The Radiation Exposure Compensation Act (RECA) program provides compensation for uranium workers who developed certain severe illnesses after exposure to radiation and toxic substances in nuclear weapons production and testing. People who lived downwind of atomic testing sites, especially the Nevada test site, may also be entitled to compensation under RECA.
These downwinders; on-site participants; uranium millers, miners, transporters; and their surviving family members can file a claim through this government program to be awarded compensation for their related illnesses. Read on to learn more about what conditions are covered under RECA and what you could expect to be compensated if you win your RECA claim.
Conditions Covered under RECA
In order to be awarded compensation under RECA, you must have a compensable condition. The type of conditions that will qualify will depend on what type of work you did or whether you were an on-site participant or a downwinder. For example, some compensable conditions for uranium miners could include:
- Lung cancer
- Fibrosis of the lung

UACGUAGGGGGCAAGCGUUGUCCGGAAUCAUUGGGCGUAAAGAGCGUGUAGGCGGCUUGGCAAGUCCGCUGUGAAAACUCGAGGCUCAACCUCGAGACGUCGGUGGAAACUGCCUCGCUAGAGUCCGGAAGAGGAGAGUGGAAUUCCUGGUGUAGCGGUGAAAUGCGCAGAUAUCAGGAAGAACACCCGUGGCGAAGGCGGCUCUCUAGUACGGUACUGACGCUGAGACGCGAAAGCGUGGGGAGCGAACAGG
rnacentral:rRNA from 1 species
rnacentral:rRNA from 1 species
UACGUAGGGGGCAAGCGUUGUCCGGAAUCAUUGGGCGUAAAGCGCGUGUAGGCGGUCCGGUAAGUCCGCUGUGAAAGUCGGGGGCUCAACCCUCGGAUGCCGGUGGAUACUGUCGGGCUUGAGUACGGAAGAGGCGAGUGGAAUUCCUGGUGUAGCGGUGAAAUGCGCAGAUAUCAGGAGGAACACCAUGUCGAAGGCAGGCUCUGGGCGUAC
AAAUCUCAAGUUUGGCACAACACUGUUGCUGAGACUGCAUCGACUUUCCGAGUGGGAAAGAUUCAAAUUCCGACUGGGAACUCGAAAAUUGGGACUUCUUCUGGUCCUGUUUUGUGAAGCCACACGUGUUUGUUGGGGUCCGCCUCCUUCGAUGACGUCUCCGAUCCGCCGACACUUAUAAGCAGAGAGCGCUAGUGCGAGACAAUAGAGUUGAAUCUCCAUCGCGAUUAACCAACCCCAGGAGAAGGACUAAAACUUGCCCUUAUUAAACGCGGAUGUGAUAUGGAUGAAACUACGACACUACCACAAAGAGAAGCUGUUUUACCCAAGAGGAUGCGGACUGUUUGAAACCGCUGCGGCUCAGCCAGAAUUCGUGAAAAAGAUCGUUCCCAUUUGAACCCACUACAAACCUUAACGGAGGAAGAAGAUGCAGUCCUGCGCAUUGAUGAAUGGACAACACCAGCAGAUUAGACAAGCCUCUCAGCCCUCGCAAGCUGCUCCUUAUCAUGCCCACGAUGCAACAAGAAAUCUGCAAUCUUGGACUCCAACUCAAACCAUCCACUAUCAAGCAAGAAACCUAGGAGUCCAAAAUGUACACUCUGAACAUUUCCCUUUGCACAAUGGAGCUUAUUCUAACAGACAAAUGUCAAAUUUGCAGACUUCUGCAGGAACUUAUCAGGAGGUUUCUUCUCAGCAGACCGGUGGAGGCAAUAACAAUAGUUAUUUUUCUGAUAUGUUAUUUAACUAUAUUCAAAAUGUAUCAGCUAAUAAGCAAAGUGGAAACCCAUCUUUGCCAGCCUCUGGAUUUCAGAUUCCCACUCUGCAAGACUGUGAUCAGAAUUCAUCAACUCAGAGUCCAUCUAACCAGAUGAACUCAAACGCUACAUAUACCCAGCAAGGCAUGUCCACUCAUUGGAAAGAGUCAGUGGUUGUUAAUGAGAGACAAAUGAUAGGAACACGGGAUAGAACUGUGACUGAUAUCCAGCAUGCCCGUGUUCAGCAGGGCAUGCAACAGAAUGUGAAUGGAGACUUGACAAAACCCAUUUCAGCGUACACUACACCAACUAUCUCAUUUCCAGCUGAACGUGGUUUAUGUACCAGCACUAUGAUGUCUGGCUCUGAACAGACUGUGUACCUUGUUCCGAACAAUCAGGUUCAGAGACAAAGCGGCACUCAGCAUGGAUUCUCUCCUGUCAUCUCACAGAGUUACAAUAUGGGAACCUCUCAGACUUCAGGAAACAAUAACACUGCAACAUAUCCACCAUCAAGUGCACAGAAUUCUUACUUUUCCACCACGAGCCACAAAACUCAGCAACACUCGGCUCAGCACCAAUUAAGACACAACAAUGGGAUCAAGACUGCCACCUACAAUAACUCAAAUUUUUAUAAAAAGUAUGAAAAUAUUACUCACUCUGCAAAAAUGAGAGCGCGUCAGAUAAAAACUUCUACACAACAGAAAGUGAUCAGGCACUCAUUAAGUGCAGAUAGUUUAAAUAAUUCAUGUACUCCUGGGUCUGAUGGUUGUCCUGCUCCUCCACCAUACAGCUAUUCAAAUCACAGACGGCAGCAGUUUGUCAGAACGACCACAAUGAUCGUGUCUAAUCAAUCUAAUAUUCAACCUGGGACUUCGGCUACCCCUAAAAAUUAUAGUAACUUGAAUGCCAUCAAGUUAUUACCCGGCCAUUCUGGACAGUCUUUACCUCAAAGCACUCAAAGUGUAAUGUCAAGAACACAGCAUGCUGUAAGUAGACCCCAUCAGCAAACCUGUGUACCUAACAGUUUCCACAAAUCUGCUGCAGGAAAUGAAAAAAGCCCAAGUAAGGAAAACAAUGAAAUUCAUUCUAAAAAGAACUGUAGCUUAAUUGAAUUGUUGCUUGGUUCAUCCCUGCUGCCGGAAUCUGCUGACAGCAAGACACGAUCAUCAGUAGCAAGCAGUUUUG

- Pulmonary fibrosis
Downwinders and on-site participants have their own specific compensable conditions, including:
- Leukemia (but not chronic lymphocytic leukemia)
- Multiple myeloma
- Lymphoma (but not Hodgkin’s disease)
- Ovarian cancer
- Lung cancer
- Brain cancer
- Thyroid cancer
- Male and female breast cancer
- Gallbladder cancer
- Colon cancer
- Stomach cancer
- Esophagus cancer
- Pancreatic cancer
- Cancer of the small intestine
- Liver cancer (but not if cirrhosis or Hepatitis B is indicated)
Compensation You Could Collect under RECA
The amount of compensation you could be awarded under RECA will depend on the type of worker you or your loved one was.
- Uranium millers, miners, and ore transporters are typically entitled to a one-time lump sum payment of $100,000.
- On-site participants are typically entitled to a one-time lump sum payment of $75,000.
- Eligible downwinders are typically entitled to a one-time lump sum payment of $50,000.
The RECA program is currently set to end in 2022. The deadline to file new RECA claims is currently July 10, 2022. Act now to get started on your claim. The process can take as long as six months—which means you don’t have any time to waste.
Meet with a RECA Attorney Right Away
Did you develop a qualifying condition after being exposed to hazardous substances like uranium during nuclear weapons development and testing? If so, you may be entitled to compensation under the Radiation Exposure Compensation Act (RECA) program.
Contact an experienced RECA lawyer at Stephens & Stephens to get started on filing your RECA claim as soon as possible. Schedule your free, no-obligation consultation when you call our office at 716-852-7590. Or fill out the quick contact form below, and we’ll reach out to you to find out more about your situation.